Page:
Are there ethnic and cultural differences in the ways that people use social networks to advance their prospects?
Social networks can protect people from the worst of poverty but can also perpetuate inequalities, warns Angus McCabe, Senior Research Fellow at the University of Birmingham.
The latest JRF report Making the Links: Poverty, Ethnicity and Social Networks examines how social networks can help people to cope with, reduce and escape from poverty. Our research found that people from across ethnicities mainly tended to have networks with people similar to themselves in terms of education and types of work or unemployment. This means that those in poverty and low paid work, or who are unemployed, have far fewer opportunities to use contacts to improve their situation. However, we also found that many people could make better use of the contacts they did have, if they were given some help and support.
Networks often serve to keep people in low-paid work, especially in sectors where recruitment is by word-of-mouth and jobs are insecure. Maintaining or expanding a social network is expensive in terms of time, energy and money, and many people on low incomes are time-poor, cash-poor and tired: their social networks are close, and are there to provide support against challenges and crises. They are left with few resources for the much less certain business of developing links to people they have less in common with, but who might connect them to new opportunities.
Family and friendships can offset the more extreme effects of poverty. However, natural tendencies to support those around us and stick together in times of adversity mean that community and family ties can sometimes restrict opportunities and constrain aspirations. Thus, social networks play a double-edged role: they can protect people from the worst of poverty, whilst at the same time perpetuating inequalities.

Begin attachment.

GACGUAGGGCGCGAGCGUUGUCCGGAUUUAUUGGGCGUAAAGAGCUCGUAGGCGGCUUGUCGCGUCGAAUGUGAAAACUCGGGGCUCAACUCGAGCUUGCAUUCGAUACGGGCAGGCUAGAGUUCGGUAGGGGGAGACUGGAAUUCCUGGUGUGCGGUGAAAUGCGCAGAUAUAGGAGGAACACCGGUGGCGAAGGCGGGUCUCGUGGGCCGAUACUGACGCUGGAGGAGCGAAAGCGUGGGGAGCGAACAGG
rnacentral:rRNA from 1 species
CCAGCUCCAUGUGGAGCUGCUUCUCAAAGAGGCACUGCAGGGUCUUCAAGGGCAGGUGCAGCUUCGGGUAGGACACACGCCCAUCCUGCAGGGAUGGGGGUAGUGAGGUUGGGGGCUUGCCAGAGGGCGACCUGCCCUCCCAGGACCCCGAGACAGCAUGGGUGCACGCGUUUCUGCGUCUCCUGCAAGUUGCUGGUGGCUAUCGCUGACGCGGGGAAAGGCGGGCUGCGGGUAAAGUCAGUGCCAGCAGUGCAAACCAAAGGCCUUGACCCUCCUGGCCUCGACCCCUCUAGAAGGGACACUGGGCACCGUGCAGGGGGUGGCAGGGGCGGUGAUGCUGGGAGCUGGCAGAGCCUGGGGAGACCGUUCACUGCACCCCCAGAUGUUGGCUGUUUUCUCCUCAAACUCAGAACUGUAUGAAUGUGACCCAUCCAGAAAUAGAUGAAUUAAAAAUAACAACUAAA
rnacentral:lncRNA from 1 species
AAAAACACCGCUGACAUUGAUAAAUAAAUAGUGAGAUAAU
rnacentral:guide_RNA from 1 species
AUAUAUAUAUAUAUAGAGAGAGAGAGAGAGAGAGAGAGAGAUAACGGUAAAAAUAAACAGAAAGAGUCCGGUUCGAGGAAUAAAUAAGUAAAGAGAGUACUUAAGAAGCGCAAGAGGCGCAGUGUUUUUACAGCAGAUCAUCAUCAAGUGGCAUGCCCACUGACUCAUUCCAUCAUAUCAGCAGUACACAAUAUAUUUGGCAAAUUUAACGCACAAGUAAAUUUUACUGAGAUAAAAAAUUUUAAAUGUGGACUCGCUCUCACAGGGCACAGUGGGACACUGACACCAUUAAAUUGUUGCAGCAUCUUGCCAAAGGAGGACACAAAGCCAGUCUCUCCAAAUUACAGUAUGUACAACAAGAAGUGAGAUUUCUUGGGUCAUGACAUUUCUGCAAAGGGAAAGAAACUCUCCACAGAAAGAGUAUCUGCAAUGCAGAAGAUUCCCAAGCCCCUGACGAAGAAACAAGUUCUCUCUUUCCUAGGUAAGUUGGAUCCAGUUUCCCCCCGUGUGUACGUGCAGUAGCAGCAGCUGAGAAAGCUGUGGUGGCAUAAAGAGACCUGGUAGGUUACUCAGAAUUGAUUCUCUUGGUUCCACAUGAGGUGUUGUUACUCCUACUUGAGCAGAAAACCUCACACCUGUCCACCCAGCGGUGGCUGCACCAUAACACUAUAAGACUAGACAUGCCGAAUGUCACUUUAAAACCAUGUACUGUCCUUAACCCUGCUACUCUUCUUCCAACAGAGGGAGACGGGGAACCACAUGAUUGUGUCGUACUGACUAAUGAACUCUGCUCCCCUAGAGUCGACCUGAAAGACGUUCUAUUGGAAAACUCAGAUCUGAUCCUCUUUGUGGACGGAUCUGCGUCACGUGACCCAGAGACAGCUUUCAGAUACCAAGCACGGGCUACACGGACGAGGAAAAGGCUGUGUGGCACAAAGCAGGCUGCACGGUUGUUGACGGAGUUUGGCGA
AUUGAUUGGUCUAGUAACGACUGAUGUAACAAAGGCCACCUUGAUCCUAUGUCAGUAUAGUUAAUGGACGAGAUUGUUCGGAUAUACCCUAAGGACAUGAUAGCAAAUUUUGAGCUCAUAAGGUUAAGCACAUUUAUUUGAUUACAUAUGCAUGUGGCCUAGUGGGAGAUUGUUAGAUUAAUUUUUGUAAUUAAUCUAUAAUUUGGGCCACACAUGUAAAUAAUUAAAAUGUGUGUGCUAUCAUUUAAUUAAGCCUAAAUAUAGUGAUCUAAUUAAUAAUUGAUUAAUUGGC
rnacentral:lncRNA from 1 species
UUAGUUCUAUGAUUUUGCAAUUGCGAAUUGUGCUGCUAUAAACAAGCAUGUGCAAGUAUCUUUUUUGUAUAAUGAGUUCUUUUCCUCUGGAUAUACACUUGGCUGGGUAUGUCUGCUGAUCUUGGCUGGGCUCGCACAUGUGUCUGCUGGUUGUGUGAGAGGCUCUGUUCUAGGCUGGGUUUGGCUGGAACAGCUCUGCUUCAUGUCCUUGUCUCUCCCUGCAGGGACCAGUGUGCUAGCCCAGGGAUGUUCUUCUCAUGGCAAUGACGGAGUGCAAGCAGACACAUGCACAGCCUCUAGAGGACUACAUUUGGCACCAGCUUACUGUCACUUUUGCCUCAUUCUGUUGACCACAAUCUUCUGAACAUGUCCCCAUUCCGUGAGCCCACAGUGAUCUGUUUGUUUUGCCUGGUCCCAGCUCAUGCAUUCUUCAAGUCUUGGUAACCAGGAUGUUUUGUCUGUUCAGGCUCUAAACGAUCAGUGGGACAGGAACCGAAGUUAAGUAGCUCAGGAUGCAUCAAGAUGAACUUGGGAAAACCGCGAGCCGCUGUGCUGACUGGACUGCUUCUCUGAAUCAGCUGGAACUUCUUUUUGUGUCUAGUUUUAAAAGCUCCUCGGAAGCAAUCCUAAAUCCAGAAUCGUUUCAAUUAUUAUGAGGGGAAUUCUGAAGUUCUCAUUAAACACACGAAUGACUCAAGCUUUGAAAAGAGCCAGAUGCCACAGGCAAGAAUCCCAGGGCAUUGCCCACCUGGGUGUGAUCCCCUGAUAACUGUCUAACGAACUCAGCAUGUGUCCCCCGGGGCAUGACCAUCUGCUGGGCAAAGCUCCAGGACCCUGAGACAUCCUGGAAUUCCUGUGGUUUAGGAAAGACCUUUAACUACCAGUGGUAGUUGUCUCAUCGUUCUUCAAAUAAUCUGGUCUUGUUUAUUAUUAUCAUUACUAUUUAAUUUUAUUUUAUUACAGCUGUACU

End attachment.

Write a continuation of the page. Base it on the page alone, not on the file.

For people in several ethnic groups there was a lack of awareness of the power of social networks and interactions, and relationships were primarily social, based on trust and mutuality, rather than something to be used strategically for self-advancement. This reflected cultural traditions, but class and gender were also powerful factors in terms of people’s opportunities (and willingness) to make use of networks to move on in life.
Social networks were used by people in or at the margins of poverty to negotiate complex systems such as health, benefits, and education. But agencies, ranging from job centres, employment and education services, through to community and faith groups, could do much more to raise awareness and confidence among people on low incomes and from different ethnic backgrounds, so that people could make better use of networks.
Without addressing wider issues of racial discrimination, as well as class and gender disadvantages, networks alone will not be sufficient to move people from many ethnic groups out of low-paid work and welfare dependency.
This research was conducted through a partnership between practitioners and academics, led by Angus McCabe. For more information visit www.tsrc.ac.uk.